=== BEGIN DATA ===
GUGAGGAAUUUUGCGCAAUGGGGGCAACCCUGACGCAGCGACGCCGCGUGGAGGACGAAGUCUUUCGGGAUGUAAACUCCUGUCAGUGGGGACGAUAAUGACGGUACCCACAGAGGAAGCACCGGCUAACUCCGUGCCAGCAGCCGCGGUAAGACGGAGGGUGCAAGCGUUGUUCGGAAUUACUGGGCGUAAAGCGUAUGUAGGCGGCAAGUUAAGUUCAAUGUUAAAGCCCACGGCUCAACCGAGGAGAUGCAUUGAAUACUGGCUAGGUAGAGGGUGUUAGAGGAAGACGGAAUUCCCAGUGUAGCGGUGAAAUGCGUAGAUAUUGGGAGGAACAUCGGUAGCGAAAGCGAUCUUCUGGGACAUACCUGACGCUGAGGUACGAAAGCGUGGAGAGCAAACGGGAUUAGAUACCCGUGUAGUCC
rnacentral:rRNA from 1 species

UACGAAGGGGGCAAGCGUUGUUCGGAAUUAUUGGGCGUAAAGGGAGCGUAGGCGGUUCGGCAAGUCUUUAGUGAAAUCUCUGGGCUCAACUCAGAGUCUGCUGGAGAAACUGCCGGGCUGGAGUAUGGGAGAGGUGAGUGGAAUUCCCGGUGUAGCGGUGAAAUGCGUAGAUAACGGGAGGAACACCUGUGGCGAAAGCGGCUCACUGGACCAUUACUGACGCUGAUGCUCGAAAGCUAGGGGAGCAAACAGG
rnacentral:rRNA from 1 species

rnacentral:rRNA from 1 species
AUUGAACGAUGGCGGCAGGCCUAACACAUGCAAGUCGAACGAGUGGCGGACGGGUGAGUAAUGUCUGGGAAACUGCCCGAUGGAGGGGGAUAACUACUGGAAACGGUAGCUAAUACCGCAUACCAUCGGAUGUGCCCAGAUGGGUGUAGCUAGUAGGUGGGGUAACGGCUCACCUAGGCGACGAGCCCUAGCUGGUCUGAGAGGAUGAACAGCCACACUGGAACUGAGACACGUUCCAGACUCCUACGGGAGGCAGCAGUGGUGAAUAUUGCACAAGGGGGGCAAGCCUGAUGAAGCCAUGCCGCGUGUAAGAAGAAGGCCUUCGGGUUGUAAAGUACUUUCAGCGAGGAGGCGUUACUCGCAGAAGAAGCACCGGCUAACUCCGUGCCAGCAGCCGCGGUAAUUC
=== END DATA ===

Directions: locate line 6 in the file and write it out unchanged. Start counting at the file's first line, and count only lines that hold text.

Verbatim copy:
AUUGAACGAUGGCGGCAGGCCUAACACAUGCAAGUCGAACGAGUGGCGGACGGGUGAGUAAUGUCUGGGAAACUGCCCGAUGGAGGGGGAUAACUACUGGAAACGGUAGCUAAUACCGCAUACCAUCGGAUGUGCCCAGAUGGGUGUAGCUAGUAGGUGGGGUAACGGCUCACCUAGGCGACGAGCCCUAGCUGGUCUGAGAGGAUGAACAGCCACACUGGAACUGAGACACGUUCCAGACUCCUACGGGAGGCAGCAGUGGUGAAUAUUGCACAAGGGGGGCAAGCCUGAUGAAGCCAUGCCGCGUGUAAGAAGAAGGCCUUCGGGUUGUAAAGUACUUUCAGCGAGGAGGCGUUACUCGCAGAAGAAGCACCGGCUAACUCCGUGCCAGCAGCCGCGGUAAUUC